The US president said McCain "didn't get the job done for our great vets and the VA" by refusing to appeal Obamacare and attacked him for "a war in the Middle East", in reference to the senator's support for the Iraq War.
"Not my kind of guy," the president said. "But some people like him and I think that's great."
What's the background?
The president revived his spat with McCain on Saturday by tweeting that the late senator had backed the so-called Steele dossier, an unverified 2016 document by a former British intelligence officer, Christopher Steele, claiming ties between Mr Trump and the Kremlin.
On Sunday, Mr Trump went after McCain again, saying the "last in his class" senator had sent "the Fake Dossier to the FBI".
Asked by a reporter about his attacks while hosting the Brazilian president at the White House on Tuesday, Mr Trump said: "I was never a fan of John McCain and I never will be."
Mr Trump has regularly clashed with McCain going back to his presidential campaign.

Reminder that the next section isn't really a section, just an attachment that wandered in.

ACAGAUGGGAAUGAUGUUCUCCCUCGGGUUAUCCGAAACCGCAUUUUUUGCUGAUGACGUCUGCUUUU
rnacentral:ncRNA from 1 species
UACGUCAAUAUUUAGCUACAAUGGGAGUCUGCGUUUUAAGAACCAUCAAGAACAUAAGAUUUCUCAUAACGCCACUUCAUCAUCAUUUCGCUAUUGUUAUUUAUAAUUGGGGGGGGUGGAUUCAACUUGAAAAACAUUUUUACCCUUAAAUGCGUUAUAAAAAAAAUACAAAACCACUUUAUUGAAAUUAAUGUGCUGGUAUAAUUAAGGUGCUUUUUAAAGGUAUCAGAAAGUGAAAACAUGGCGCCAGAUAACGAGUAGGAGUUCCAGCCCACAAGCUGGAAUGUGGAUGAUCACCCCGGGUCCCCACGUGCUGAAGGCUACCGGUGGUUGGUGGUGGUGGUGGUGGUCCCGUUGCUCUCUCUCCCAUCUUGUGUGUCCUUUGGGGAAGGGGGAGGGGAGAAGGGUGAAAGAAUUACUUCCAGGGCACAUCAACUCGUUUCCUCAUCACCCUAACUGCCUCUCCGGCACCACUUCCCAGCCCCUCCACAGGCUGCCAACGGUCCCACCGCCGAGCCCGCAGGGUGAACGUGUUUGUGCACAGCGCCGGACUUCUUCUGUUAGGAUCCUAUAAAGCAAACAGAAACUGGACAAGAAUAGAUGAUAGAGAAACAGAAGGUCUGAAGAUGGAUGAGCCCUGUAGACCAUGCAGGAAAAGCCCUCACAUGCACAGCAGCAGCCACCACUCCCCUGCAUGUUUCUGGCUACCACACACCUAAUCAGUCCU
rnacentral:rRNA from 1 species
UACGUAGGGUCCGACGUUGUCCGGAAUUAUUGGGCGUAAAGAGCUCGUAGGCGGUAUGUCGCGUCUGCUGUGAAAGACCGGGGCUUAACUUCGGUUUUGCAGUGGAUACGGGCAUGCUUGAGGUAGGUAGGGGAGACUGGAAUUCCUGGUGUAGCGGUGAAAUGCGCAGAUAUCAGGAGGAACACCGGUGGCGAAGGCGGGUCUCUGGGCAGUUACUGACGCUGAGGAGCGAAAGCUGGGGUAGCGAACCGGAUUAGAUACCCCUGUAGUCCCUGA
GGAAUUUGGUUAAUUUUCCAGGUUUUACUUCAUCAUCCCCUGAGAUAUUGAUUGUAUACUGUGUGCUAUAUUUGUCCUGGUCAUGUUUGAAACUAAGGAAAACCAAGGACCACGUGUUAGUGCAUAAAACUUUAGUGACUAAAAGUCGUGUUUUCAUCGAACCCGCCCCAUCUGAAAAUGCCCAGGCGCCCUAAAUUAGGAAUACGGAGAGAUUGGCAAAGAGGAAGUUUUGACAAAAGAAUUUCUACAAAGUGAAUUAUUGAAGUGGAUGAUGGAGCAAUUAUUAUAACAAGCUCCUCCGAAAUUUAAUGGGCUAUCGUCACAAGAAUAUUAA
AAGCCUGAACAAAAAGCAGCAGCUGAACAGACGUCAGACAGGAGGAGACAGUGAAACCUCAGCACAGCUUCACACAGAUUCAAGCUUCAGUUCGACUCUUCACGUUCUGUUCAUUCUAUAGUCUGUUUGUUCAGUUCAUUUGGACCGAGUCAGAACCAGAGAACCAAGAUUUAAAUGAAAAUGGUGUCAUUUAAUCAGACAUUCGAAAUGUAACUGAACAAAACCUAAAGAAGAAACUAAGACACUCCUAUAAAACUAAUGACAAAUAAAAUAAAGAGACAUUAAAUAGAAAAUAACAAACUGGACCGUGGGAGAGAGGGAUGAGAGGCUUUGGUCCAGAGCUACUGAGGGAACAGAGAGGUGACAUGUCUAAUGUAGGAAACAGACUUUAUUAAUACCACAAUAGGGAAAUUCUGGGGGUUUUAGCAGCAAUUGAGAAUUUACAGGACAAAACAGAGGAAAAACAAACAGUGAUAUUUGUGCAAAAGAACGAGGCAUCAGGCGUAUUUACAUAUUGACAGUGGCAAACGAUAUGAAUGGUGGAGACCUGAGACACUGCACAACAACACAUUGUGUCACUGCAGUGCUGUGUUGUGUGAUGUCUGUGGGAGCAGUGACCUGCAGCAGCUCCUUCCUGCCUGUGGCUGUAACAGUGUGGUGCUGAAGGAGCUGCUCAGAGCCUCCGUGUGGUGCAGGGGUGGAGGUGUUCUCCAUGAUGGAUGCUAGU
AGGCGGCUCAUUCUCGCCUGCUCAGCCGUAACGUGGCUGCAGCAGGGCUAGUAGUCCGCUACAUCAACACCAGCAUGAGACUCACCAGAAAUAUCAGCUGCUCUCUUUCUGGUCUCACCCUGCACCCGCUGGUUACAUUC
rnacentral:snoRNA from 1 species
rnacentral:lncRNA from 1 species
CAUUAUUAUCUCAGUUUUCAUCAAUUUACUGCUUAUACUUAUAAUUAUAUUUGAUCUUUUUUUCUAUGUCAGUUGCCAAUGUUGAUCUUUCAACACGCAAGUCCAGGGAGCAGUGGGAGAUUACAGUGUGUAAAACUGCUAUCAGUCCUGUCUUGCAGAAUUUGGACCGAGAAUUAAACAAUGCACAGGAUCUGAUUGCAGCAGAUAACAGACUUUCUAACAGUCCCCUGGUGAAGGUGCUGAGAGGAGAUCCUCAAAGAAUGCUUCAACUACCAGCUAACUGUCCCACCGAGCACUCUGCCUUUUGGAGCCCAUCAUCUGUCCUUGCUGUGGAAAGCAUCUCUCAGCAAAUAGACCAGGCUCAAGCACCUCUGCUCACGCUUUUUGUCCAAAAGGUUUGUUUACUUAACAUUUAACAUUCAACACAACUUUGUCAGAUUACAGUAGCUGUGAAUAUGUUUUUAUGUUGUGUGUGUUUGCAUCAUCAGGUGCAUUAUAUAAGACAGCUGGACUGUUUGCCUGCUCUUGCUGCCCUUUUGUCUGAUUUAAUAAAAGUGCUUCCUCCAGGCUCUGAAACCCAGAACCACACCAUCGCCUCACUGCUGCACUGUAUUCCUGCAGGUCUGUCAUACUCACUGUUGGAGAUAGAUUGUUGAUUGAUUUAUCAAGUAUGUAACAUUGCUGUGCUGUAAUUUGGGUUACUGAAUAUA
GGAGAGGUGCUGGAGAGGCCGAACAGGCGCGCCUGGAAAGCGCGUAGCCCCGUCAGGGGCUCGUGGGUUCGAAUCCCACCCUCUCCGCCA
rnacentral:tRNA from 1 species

By Anthony Zurcher, BBC senior North America reporter
Donald Trump is feuding with a dead man.
It all began in 2015 when John McCain condemned then-candidate Trump's allegation that Mexico was sending rapists into the US.
Mr Trump responded by questioning the Arizona senator's heroism as a prisoner during the Vietnam War.
At the time there was a chorus of condemnation from across the Republican Party and predictions that the New York businessman's White House hopes were ruined.
It didn't turn out that way, of course. Mr Trump not only won the White House, he has moulded the Republican Party in his own populist, pugilistic image.
Now Mr Trump's outbursts against the late senator are met mostly with silence from within his own party. Georgia Senator Johnny Isakson stands out as one of the few to sharply rebuke the president's remarks.
Mr Trump clearly believes leaning into this now one-sided fight benefits him politically. There are plenty of conservatives who never liked McCain, and they will love the president even more for not backing down.
The feud helped launch Mr Trump's presidential bid, and it's a wave he will ride till the very end.
What's the reaction?
Mr Trump's attacks this week on McCain have drawn sharp condemnation from across the political spectrum, with Republican Senator Johnny Isakson calling the remarks "deplorable".